Former Esgenoôpetitj First Nation chief Wilbur Dedam will be released after spending three nights in prison.
Dedam, 68, was found guilty on four of six sexual assault charges following a trial last fall. Court of Queen's Bench Justice Thomas Christie sentenced him to 10 years in prison for sexually assaulting or touching three female children between 1977 and 1985.
Within hours of the sentence, Dedam's lawyer T. J. Burke filed an appeal of the decision, asking the appeal court to quash the conviction and either throw out the charges or order a new trial.
On Friday, the Crown consented to his release pending appeal and Justice Barbara Baird signed a conditional discharge order.
Appearing by phone, Dedam acknowledged about a dozen conditions he must abide by while staying at his Esgenoôpetitj First Nation home.
Among them, he must not contact a list of about 20 people, including the three victims. He must also abide by a curfew of 7 p.m. to 7 a.m., and only leave his home for medical purposes, court appearances, meeting with legal counsel and going to church. He must also not be anywhere near children under 18 and must abstain from alcohol or drugs not prescribed to him.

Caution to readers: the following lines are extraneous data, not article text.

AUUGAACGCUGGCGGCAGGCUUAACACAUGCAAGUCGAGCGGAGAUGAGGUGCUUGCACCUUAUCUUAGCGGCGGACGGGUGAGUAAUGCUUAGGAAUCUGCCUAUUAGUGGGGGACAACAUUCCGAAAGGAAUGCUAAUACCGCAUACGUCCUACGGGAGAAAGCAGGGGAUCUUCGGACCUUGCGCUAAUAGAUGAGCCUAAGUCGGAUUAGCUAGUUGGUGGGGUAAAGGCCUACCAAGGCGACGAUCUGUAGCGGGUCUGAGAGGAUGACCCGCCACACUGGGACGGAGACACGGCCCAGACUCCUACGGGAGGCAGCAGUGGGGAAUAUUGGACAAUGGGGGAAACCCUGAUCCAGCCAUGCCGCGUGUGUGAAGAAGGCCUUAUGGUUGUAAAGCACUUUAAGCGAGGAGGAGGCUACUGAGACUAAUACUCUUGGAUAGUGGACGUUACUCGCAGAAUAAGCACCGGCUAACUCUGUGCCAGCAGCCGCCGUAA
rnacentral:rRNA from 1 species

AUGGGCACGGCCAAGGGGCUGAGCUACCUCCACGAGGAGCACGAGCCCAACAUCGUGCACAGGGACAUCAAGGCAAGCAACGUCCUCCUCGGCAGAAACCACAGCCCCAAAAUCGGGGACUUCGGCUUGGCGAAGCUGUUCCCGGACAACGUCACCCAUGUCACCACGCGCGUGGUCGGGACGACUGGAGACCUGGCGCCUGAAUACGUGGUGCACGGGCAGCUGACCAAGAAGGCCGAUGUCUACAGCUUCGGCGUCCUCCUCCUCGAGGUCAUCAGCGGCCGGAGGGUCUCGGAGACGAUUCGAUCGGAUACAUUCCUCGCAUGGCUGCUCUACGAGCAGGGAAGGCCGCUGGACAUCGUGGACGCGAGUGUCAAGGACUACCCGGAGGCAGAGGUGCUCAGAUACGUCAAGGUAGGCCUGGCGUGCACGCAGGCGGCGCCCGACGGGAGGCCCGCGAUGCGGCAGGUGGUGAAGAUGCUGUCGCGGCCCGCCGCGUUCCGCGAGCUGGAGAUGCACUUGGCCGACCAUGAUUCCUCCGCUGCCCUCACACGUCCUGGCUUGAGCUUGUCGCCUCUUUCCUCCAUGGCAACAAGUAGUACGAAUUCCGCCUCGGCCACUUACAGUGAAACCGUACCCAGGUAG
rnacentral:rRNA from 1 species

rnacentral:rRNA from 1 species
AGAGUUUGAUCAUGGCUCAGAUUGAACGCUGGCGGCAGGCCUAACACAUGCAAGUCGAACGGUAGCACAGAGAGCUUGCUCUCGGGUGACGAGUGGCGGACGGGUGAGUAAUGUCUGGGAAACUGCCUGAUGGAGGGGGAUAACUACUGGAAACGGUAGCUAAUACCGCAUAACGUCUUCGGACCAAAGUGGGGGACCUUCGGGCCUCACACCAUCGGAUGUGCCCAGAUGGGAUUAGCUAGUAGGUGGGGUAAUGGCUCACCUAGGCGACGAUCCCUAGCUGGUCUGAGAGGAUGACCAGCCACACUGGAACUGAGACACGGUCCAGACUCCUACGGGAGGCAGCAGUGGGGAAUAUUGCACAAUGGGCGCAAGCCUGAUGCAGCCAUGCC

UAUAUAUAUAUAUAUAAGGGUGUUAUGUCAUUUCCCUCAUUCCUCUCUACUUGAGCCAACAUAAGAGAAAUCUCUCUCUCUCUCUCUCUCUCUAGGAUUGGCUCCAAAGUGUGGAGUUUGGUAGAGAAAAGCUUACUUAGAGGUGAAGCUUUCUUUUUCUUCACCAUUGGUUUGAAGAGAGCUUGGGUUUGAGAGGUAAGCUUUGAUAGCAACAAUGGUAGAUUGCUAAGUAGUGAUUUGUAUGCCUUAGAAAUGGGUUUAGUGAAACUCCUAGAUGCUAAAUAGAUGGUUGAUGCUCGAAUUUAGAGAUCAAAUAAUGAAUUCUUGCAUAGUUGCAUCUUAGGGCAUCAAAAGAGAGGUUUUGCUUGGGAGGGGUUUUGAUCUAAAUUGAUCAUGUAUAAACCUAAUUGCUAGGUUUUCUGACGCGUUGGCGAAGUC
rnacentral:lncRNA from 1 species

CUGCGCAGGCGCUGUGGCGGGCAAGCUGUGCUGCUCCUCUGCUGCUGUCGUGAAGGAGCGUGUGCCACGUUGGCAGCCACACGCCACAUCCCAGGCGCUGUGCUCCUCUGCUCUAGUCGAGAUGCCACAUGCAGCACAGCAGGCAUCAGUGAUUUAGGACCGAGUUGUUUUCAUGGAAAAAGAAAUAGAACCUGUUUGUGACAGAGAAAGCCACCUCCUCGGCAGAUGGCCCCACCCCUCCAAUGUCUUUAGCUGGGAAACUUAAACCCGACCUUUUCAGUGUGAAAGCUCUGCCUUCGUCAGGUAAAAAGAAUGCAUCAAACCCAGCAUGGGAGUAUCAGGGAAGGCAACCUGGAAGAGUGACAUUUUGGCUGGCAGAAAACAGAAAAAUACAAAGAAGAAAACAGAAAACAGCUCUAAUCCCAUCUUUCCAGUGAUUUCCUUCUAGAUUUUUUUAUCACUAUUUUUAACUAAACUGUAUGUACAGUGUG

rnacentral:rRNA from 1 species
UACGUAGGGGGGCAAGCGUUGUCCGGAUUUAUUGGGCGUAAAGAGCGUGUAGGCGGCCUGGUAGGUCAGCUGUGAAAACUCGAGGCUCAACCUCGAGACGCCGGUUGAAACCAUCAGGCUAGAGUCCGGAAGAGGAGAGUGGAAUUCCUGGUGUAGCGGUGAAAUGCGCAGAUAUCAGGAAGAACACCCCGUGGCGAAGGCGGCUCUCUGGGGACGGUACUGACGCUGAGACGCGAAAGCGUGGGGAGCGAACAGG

Baird said if he breaks these conditions he could go back to prison. The conditions will stay in effect until a decision is made on his appeal.
Present in person at the Fredericton courthouse were three people who vowed to be Dedam's "sureties," to be with him when he's out in public.
Second appeal, third trial
The appeal alleges the trial judge erred in dealing with inconsistencies in testimony by a victim. It also alleges the verdict is unreasonable and the sentence is excessive.
After he was found guilty, the Crown recommended a 10 to 12-year sentence, and the defence asked for a sentence of five to six years.
It was the third trial on these charges. Dedam was initially convicted and sentenced to nine years in prison, but that was overturned on appeal. The second attempt ended in a mistrial.
Dedam is required to appear in person for the next appeal hearing on Oct. 12, 2021.